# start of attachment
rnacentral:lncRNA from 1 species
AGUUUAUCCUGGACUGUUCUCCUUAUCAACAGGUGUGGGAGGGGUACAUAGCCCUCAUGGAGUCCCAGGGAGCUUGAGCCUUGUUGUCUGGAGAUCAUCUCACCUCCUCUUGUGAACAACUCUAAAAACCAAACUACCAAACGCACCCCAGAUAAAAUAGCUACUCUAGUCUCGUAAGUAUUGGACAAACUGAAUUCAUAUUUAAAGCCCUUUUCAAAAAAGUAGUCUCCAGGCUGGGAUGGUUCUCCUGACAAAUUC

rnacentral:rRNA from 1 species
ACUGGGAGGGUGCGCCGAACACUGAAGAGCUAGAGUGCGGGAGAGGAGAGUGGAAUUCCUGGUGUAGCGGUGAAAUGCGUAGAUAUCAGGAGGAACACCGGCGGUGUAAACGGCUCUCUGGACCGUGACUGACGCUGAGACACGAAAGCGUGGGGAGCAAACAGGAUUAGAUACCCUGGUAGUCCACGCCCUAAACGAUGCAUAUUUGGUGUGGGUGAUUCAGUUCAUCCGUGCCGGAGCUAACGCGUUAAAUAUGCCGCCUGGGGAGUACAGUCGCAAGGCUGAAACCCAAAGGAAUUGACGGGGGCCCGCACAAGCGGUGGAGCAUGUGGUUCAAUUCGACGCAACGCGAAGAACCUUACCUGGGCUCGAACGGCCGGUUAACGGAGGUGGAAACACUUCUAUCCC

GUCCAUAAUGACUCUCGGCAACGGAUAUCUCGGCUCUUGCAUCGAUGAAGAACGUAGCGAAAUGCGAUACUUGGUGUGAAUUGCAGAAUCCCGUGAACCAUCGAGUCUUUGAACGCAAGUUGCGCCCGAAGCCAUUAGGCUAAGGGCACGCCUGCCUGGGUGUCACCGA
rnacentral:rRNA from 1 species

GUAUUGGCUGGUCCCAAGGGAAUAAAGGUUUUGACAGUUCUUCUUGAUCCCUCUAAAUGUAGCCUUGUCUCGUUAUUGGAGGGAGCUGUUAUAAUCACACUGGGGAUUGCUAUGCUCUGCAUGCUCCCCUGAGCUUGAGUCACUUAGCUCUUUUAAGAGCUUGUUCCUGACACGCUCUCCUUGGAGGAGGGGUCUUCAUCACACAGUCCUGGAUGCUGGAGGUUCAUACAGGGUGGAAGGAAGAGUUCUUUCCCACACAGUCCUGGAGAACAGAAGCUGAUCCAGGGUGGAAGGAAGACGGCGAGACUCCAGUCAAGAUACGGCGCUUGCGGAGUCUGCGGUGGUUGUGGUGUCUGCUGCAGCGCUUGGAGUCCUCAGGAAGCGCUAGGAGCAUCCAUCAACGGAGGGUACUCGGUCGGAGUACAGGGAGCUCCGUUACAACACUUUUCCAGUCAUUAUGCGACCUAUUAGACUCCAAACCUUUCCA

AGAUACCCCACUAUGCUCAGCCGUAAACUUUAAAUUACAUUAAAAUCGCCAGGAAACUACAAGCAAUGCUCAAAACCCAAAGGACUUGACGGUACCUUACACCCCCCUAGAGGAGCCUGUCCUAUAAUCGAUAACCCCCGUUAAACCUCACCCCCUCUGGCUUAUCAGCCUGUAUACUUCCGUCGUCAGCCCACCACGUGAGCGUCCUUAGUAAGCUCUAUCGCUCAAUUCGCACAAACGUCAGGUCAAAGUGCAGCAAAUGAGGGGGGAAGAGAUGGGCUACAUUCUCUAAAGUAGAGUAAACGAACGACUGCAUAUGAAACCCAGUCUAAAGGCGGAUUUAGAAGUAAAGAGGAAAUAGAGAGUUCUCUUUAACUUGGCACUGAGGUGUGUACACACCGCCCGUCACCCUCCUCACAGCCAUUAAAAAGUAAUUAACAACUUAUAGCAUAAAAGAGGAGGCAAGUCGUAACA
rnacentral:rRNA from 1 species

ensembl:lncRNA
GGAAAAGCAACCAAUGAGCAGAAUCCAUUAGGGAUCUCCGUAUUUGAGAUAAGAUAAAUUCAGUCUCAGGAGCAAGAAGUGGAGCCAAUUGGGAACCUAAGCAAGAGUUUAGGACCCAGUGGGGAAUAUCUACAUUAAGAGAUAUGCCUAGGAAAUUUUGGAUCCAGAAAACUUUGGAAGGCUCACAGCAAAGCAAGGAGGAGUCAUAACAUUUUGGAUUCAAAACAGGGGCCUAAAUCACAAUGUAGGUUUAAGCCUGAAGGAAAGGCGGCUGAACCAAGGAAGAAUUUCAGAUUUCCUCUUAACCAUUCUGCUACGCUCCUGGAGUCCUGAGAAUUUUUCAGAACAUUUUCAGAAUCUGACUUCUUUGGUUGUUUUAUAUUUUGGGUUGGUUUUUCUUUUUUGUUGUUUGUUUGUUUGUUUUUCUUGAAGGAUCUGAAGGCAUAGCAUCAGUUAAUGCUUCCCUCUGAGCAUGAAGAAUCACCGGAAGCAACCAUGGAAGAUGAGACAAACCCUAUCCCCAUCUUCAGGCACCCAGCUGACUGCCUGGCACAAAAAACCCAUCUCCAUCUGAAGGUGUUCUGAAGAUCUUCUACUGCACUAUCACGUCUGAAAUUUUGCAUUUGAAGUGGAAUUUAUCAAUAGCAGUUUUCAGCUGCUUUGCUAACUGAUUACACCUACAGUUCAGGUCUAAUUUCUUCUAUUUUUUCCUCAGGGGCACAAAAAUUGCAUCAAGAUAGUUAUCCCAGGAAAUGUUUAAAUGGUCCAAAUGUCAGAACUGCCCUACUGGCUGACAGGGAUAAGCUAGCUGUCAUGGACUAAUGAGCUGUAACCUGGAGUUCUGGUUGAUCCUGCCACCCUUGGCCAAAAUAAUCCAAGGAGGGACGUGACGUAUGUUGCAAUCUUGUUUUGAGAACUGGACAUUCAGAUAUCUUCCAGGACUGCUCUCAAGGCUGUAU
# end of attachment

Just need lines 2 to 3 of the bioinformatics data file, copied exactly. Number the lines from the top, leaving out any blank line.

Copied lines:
AGUUUAUCCUGGACUGUUCUCCUUAUCAACAGGUGUGGGAGGGGUACAUAGCCCUCAUGGAGUCCCAGGGAGCUUGAGCCUUGUUGUCUGGAGAUCAUCUCACCUCCUCUUGUGAACAACUCUAAAAACCAAACUACCAAACGCACCCCAGAUAAAAUAGCUACUCUAGUCUCGUAAGUAUUGGACAAACUGAAUUCAUAUUUAAAGCCCUUUUCAAAAAAGUAGUCUCCAGGCUGGGAUGGUUCUCCUGACAAAUUC

rnacentral:rRNA from 1 species